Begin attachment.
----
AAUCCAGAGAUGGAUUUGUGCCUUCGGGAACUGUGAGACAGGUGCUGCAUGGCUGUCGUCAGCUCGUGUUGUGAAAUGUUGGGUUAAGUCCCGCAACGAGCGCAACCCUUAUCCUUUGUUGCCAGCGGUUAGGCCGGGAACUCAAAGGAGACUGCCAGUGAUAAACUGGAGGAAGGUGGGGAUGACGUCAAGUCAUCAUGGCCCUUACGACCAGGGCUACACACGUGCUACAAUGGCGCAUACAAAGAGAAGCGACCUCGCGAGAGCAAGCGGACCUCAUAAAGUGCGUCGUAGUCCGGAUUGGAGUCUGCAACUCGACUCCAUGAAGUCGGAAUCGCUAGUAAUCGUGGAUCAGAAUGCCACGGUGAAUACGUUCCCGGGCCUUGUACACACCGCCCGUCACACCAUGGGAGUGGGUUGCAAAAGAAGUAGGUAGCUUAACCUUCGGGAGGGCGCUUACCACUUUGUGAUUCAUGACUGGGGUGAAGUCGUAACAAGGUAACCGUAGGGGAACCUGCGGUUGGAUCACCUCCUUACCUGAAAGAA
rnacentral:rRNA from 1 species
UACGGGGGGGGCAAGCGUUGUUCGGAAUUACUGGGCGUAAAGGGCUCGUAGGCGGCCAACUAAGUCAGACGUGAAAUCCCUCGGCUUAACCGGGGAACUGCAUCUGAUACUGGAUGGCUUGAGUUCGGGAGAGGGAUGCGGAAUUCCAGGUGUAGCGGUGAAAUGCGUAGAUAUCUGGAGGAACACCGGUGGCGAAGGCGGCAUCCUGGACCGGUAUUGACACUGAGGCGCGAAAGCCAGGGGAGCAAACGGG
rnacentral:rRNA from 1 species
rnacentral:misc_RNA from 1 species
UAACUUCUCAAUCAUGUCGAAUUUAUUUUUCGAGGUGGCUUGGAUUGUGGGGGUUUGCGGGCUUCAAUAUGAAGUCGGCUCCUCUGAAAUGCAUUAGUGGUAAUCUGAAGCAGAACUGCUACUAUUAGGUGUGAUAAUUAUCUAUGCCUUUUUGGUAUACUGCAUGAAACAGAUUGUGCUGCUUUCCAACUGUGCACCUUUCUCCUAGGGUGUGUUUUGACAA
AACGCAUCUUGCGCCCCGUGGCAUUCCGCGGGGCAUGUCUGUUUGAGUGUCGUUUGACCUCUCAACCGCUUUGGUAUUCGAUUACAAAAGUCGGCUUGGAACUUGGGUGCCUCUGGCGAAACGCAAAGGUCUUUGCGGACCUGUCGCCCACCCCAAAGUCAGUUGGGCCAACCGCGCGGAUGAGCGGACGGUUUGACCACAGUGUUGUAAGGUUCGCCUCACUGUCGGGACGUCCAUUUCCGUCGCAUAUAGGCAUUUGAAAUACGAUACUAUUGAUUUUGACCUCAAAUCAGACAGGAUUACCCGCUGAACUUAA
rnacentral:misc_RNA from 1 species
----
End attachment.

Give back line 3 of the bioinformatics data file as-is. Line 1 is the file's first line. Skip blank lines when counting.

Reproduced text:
UACGGGGGGGGCAAGCGUUGUUCGGAAUUACUGGGCGUAAAGGGCUCGUAGGCGGCCAACUAAGUCAGACGUGAAAUCCCUCGGCUUAACCGGGGAACUGCAUCUGAUACUGGAUGGCUUGAGUUCGGGAGAGGGAUGCGGAAUUCCAGGUGUAGCGGUGAAAUGCGUAGAUAUCUGGAGGAACACCGGUGGCGAAGGCGGCAUCCUGGACCGGUAUUGACACUGAGGCGCGAAAGCCAGGGGAGCAAACGGG